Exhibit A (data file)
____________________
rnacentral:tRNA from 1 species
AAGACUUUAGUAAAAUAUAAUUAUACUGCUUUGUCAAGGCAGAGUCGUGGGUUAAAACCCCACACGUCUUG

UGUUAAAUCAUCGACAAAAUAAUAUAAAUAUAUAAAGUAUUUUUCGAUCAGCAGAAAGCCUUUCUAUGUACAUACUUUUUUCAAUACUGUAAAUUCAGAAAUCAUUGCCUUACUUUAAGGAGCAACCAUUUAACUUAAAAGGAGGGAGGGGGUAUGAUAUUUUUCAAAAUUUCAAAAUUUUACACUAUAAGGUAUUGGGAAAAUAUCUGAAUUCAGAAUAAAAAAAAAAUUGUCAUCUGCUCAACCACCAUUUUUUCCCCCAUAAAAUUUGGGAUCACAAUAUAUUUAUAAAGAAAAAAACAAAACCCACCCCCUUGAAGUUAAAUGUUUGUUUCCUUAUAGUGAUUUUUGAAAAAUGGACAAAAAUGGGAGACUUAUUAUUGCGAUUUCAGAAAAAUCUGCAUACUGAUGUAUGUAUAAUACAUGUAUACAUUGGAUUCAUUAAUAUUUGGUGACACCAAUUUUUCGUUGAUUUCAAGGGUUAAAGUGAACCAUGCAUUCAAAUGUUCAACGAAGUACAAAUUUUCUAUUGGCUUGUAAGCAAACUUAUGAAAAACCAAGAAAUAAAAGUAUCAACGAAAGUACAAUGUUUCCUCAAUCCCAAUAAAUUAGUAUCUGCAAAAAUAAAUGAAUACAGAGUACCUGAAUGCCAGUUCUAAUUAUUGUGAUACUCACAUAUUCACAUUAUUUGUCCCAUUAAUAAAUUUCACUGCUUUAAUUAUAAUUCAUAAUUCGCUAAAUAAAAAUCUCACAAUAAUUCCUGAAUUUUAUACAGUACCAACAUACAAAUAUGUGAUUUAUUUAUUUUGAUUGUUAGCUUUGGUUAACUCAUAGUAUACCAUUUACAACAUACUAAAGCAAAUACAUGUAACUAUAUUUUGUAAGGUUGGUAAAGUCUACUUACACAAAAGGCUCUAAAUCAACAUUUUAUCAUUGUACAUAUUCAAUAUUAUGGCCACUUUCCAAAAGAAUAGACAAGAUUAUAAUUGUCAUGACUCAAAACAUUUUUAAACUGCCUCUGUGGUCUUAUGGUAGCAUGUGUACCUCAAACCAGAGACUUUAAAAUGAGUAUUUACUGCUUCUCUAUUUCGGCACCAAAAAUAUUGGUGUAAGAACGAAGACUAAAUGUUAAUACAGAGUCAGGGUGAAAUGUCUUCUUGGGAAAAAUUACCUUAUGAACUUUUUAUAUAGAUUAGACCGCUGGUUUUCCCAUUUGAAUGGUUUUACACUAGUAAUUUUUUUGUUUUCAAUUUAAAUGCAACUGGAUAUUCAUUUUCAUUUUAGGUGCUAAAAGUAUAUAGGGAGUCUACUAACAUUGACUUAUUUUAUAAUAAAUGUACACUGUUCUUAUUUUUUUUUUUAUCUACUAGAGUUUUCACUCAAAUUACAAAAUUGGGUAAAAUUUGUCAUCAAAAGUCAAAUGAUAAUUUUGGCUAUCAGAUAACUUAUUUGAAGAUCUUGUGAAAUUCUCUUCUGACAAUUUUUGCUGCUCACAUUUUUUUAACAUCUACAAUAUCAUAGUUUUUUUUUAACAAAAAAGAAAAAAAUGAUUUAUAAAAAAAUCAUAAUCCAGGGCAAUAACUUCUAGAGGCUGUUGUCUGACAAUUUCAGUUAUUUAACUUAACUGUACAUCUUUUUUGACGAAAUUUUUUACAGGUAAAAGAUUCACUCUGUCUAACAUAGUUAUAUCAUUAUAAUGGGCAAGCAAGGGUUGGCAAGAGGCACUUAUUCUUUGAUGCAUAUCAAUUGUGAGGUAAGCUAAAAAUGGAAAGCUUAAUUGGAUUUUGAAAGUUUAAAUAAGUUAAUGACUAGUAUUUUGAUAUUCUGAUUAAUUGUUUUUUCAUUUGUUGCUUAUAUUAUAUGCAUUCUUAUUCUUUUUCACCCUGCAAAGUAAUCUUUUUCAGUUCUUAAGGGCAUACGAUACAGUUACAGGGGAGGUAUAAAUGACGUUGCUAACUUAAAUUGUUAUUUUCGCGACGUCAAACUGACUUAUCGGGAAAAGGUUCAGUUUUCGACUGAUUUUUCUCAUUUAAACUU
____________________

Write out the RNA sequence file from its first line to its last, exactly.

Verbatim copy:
rnacentral:tRNA from 1 species
AAGACUUUAGUAAAAUAUAAUUAUACUGCUUUGUCAAGGCAGAGUCGUGGGUUAAAACCCCACACGUCUUG

UGUUAAAUCAUCGACAAAAUAAUAUAAAUAUAUAAAGUAUUUUUCGAUCAGCAGAAAGCCUUUCUAUGUACAUACUUUUUUCAAUACUGUAAAUUCAGAAAUCAUUGCCUUACUUUAAGGAGCAACCAUUUAACUUAAAAGGAGGGAGGGGGUAUGAUAUUUUUCAAAAUUUCAAAAUUUUACACUAUAAGGUAUUGGGAAAAUAUCUGAAUUCAGAAUAAAAAAAAAAUUGUCAUCUGCUCAACCACCAUUUUUUCCCCCAUAAAAUUUGGGAUCACAAUAUAUUUAUAAAGAAAAAAACAAAACCCACCCCCUUGAAGUUAAAUGUUUGUUUCCUUAUAGUGAUUUUUGAAAAAUGGACAAAAAUGGGAGACUUAUUAUUGCGAUUUCAGAAAAAUCUGCAUACUGAUGUAUGUAUAAUACAUGUAUACAUUGGAUUCAUUAAUAUUUGGUGACACCAAUUUUUCGUUGAUUUCAAGGGUUAAAGUGAACCAUGCAUUCAAAUGUUCAACGAAGUACAAAUUUUCUAUUGGCUUGUAAGCAAACUUAUGAAAAACCAAGAAAUAAAAGUAUCAACGAAAGUACAAUGUUUCCUCAAUCCCAAUAAAUUAGUAUCUGCAAAAAUAAAUGAAUACAGAGUACCUGAAUGCCAGUUCUAAUUAUUGUGAUACUCACAUAUUCACAUUAUUUGUCCCAUUAAUAAAUUUCACUGCUUUAAUUAUAAUUCAUAAUUCGCUAAAUAAAAAUCUCACAAUAAUUCCUGAAUUUUAUACAGUACCAACAUACAAAUAUGUGAUUUAUUUAUUUUGAUUGUUAGCUUUGGUUAACUCAUAGUAUACCAUUUACAACAUACUAAAGCAAAUACAUGUAACUAUAUUUUGUAAGGUUGGUAAAGUCUACUUACACAAAAGGCUCUAAAUCAACAUUUUAUCAUUGUACAUAUUCAAUAUUAUGGCCACUUUCCAAAAGAAUAGACAAGAUUAUAAUUGUCAUGACUCAAAACAUUUUUAAACUGCCUCUGUGGUCUUAUGGUAGCAUGUGUACCUCAAACCAGAGACUUUAAAAUGAGUAUUUACUGCUUCUCUAUUUCGGCACCAAAAAUAUUGGUGUAAGAACGAAGACUAAAUGUUAAUACAGAGUCAGGGUGAAAUGUCUUCUUGGGAAAAAUUACCUUAUGAACUUUUUAUAUAGAUUAGACCGCUGGUUUUCCCAUUUGAAUGGUUUUACACUAGUAAUUUUUUUGUUUUCAAUUUAAAUGCAACUGGAUAUUCAUUUUCAUUUUAGGUGCUAAAAGUAUAUAGGGAGUCUACUAACAUUGACUUAUUUUAUAAUAAAUGUACACUGUUCUUAUUUUUUUUUUUAUCUACUAGAGUUUUCACUCAAAUUACAAAAUUGGGUAAAAUUUGUCAUCAAAAGUCAAAUGAUAAUUUUGGCUAUCAGAUAACUUAUUUGAAGAUCUUGUGAAAUUCUCUUCUGACAAUUUUUGCUGCUCACAUUUUUUUAACAUCUACAAUAUCAUAGUUUUUUUUUAACAAAAAAGAAAAAAAUGAUUUAUAAAAAAAUCAUAAUCCAGGGCAAUAACUUCUAGAGGCUGUUGUCUGACAAUUUCAGUUAUUUAACUUAACUGUACAUCUUUUUUGACGAAAUUUUUUACAGGUAAAAGAUUCACUCUGUCUAACAUAGUUAUAUCAUUAUAAUGGGCAAGCAAGGGUUGGCAAGAGGCACUUAUUCUUUGAUGCAUAUCAAUUGUGAGGUAAGCUAAAAAUGGAAAGCUUAAUUGGAUUUUGAAAGUUUAAAUAAGUUAAUGACUAGUAUUUUGAUAUUCUGAUUAAUUGUUUUUUCAUUUGUUGCUUAUAUUAUAUGCAUUCUUAUUCUUUUUCACCCUGCAAAGUAAUCUUUUUCAGUUCUUAAGGGCAUACGAUACAGUUACAGGGGAGGUAUAAAUGACGUUGCUAACUUAAAUUGUUAUUUUCGCGACGUCAAACUGACUUAUCGGGAAAAGGUUCAGUUUUCGACUGAUUUUUCUCAUUUAAACUU